Payments and Awards of Diplomats of Local Magnates in Bosnia Cover Image

Плаћање и награђивање дипломата обласних господара у Босни
Payments and Awards of Diplomats of Local Magnates in Bosnia

Author(s): Aranđel Smiljanić
Subject(s): History, Middle Ages
Published by: Istorijski institut, Beograd
Keywords: Diplomats; local magnates; Bosnia; Dubrovnik; Venice; payments; gifts; awards; promises; negotiations; material wealth

Summary/Abstract: Due to the lack of adequate historical testimonies, we know little about the manner and the extent to which local magnates in Bosnia paid for the work of their diplomatic representatives. It is known that they were giving them money when sending them to missions, which the representatives would spend on the mission expenses. The question remains open as to whether they kept some of that money or had to return all what remained to the lords. It is possible that they were paid after completing a mission, as well as that they might have received regular ‘wages’. Some cases of awarding land estates are also known. We know much more about the gifts that the envoys would receive after a completed mission, from the party that they negotiated with. It is natural that the other party (most often Dubrovnik) richly awarded the envoys if the results of negotiations were favourable for them. Otherwise, less generous gifts would be given, only for the sake of respecting the diplomatic courtesy. Regardless of how much the value of gifts varied from one mission to another, long¬lasting engagement in diplomacy enabled envoys to get rather rich for the time. The most highly valued among gifts was money, which in several cases could be invested for profit in the Dubrovnik commune, which was considered a great privilege. In addition to money, also recorded was fabric, with Italian fabric particularly valued. The custom of giving gifts was used not only when concluding negotiations, but could also take place in the event of bringing good news (mushtuluk). Giving awards for services (in money or gifts) should be differentiated from the customary giving of gifts following completed missions also in light of the fact that other states (usually Dubrovnik) were awarding diplomats or local magnates themselves exclusively because of services they made to them or promised to make. Diplomats were sometimes greedy in regard to this possibility, although it incurred some risks, but also the opportunity of amassing much greater fortune than from a diplomatic service with local magnates. In this way, diplomacy enabled not only vertical mobility in society, but also significant enrichment of some participants in the diplomatic process. At the same time, all other activities in their lives, most often trade, should not be disregarded either. Typical such diplomats were Brailo Tezalović, Radič Ozrisaljić and Pribislav Vukotić. On the other hand, Pribislav Pohvalić and Radin gost obtained their fortune mainly by carrying out diplomatic tasks for their lords.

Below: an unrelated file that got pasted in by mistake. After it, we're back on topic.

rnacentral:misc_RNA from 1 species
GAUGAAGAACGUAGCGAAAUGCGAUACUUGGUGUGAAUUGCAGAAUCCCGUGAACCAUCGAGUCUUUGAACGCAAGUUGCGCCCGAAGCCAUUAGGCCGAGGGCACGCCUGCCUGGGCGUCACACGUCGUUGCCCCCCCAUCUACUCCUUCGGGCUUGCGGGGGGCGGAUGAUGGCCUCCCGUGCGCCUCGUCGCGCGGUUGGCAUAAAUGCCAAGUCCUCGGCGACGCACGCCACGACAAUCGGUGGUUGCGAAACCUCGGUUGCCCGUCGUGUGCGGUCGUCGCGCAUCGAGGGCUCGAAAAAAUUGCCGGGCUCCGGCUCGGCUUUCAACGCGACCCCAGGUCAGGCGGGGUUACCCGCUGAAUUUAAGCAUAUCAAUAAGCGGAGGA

• Issue Year: 2017
  • Issue No: 66
  • Page Range: 209-235
  • Page Count: 27
  • Language: Serbian